After wrapping our 2-year health equity narratives project with Robert Wood Johnson Foundation earlier this year, we immediately dove into a new set of exciting projects. We’re researching narratives about things like climate change, immigrants in the U.S., web3 gaming, education, and more, and getting a better understanding of the relationships that audiences have with stories in these spaces. This work will be public soon–but not just yet.
In the meantime, our work exposes us to the far-reaching expanse of the media landscape every single day. We’re sharing some of our favorite things here, sorted by our core areas of focus—science, data, and creativity. (Plus, a few bonus links just for fun.)
Collecting information on race and ethnicity meets a complex and nuanced past: German researchers grapple with the ethics of surveying people about their race and ethnicity via census data, often citing data-protection concerns (similar to other countries across Europe). But this can, allegedly, make it difficult to measure quantitative success on diversity issues, explored in this piece from Nature.
We were intrigued by a piece on Medium from “Jenka” about the “American bias” of AI. Artificial intelligence trained by datasets built upon false visual narratives about an American “smile-focused culture” can present a universality that scrubs over cultural differences across expression and meaning.
If we ever thought we had a good work ethic, sci-fi author Adrian Tchaikovsky puts us all to shame with his 49 (!) published novels. He was recently interviewed by Ezra Klein about the “profoundly scary” relationship that human creativity has with the current AI explosion (oh, and spiders).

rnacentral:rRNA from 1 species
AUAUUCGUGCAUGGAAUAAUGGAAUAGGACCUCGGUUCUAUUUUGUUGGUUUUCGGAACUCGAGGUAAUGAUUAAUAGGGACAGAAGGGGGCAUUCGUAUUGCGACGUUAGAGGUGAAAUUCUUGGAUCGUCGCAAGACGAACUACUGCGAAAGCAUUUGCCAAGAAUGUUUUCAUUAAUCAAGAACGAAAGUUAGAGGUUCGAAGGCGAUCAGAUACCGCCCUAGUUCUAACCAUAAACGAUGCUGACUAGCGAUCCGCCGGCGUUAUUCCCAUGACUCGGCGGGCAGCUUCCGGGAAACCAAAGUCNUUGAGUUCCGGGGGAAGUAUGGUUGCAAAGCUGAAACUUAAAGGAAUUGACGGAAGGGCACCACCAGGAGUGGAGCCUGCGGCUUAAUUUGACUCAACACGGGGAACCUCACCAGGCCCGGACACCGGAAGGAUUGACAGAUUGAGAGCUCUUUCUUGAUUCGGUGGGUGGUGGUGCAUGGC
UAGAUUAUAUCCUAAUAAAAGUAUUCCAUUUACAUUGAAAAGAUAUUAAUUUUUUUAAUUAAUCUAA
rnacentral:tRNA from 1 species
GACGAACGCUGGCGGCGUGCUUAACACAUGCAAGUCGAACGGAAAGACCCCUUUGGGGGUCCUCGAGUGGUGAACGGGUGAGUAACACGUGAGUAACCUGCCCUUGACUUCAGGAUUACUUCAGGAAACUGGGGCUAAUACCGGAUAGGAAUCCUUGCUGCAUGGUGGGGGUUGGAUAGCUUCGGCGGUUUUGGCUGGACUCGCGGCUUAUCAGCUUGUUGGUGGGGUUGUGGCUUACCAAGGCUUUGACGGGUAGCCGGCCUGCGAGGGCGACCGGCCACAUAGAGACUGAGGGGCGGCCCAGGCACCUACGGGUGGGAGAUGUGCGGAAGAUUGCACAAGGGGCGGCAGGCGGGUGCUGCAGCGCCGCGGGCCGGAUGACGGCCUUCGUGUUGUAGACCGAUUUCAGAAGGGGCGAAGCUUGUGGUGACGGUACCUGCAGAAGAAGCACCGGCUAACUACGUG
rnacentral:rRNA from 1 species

The “AI panic” has quieted the conversation about web3 lately, but this article from Rolling Stone revisits the vision that there might be a new internet on the horizon, one that could level the playing field for communities created via gaming.
Can tech actually help us become more human? This piece from Noēma explores how using digital technology to find sounds from whales, honeybees, forests, etc. that human ears cannot detect might bring us closer to the nonhuman world around us and, in turn, ourselves.
America’s most popular form of transport is the passenger vehicle–but only 5.8% percent sold last year were electric. This piece in The Atlantic presents for your consideration: the electric rickshaw. Although the American highway system poses a challenge for smaller e-alternatives like e-bikes and micro cars, the electric rickshaw might be a useful starting point for a car replacement.
If you encountered something head-turning or thumb-stopping in your media diets recently, please share! In the meantime, stay close as we wrap up some of our current projects and release our research findings to the public (in new, inventive, interactive ways) – and don’t hesitate to get in touch to share any thoughts or ideas.